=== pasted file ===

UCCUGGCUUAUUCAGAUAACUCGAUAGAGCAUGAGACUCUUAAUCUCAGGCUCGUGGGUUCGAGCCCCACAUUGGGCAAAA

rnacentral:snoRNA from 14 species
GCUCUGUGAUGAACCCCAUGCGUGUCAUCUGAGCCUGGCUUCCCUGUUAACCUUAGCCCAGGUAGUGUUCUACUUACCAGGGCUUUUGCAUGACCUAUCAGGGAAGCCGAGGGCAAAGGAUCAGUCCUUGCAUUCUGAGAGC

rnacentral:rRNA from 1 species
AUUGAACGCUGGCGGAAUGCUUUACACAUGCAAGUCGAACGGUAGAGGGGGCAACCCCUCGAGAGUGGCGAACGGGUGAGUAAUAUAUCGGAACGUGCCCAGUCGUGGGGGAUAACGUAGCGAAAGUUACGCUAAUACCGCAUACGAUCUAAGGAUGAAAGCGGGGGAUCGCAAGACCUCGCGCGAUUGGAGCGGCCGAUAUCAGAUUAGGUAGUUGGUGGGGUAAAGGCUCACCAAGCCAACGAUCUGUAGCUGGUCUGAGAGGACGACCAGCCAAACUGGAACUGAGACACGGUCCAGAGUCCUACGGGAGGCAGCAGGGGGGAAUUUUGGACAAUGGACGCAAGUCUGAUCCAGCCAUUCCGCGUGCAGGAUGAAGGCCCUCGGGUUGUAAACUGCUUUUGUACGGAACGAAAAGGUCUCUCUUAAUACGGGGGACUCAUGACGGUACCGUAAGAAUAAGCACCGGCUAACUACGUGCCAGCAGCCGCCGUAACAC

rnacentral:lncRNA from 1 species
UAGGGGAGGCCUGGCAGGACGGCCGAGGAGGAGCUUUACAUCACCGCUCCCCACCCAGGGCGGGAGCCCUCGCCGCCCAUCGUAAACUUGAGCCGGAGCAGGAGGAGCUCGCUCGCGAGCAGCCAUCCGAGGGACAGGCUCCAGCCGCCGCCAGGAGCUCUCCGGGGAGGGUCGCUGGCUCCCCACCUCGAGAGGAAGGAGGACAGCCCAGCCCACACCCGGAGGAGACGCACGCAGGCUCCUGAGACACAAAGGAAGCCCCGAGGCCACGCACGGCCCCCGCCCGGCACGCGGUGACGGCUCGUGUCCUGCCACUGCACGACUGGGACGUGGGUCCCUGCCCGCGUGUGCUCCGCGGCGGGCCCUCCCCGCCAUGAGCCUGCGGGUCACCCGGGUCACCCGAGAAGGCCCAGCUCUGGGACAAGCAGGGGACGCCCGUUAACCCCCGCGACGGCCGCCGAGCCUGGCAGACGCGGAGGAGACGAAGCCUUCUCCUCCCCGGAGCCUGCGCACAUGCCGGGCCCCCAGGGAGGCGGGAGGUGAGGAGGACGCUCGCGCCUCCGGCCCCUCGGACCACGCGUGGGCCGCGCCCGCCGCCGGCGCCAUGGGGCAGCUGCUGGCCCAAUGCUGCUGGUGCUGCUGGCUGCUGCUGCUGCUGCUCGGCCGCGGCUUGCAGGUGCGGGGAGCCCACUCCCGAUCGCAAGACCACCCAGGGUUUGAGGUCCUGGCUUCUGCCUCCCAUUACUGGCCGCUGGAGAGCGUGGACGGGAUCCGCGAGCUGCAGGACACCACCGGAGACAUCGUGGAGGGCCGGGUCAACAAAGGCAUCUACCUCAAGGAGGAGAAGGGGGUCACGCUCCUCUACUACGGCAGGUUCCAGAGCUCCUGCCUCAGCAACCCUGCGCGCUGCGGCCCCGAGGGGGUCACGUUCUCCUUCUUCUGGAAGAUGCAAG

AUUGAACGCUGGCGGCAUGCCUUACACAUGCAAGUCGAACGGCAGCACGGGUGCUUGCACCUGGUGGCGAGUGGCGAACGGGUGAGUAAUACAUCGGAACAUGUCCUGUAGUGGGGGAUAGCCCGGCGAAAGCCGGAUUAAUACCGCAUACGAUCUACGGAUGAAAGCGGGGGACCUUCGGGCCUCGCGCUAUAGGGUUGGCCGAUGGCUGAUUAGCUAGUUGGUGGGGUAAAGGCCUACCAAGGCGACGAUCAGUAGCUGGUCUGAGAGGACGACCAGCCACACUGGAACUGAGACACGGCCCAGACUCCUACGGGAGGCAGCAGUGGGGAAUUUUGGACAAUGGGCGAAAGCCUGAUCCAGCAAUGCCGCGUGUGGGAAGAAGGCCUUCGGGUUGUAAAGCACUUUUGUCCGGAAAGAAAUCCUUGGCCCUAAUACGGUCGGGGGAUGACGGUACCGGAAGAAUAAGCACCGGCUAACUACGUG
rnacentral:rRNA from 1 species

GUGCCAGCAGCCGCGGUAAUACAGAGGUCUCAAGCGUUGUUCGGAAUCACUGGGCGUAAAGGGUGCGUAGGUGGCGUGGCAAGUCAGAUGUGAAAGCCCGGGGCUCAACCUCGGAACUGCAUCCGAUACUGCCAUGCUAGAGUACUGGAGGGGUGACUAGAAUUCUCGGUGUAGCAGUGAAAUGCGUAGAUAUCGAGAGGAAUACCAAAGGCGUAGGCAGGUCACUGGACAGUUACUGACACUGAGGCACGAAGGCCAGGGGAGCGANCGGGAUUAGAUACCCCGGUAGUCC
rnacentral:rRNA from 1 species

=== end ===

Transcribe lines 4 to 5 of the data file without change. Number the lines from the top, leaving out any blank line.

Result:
rnacentral:rRNA from 1 species
AUUGAACGCUGGCGGAAUGCUUUACACAUGCAAGUCGAACGGUAGAGGGGGCAACCCCUCGAGAGUGGCGAACGGGUGAGUAAUAUAUCGGAACGUGCCCAGUCGUGGGGGAUAACGUAGCGAAAGUUACGCUAAUACCGCAUACGAUCUAAGGAUGAAAGCGGGGGAUCGCAAGACCUCGCGCGAUUGGAGCGGCCGAUAUCAGAUUAGGUAGUUGGUGGGGUAAAGGCUCACCAAGCCAACGAUCUGUAGCUGGUCUGAGAGGACGACCAGCCAAACUGGAACUGAGACACGGUCCAGAGUCCUACGGGAGGCAGCAGGGGGGAAUUUUGGACAAUGGACGCAAGUCUGAUCCAGCCAUUCCGCGUGCAGGAUGAAGGCCCUCGGGUUGUAAACUGCUUUUGUACGGAACGAAAAGGUCUCUCUUAAUACGGGGGACUCAUGACGGUACCGUAAGAAUAAGCACCGGCUAACUACGUGCCAGCAGCCGCCGUAACAC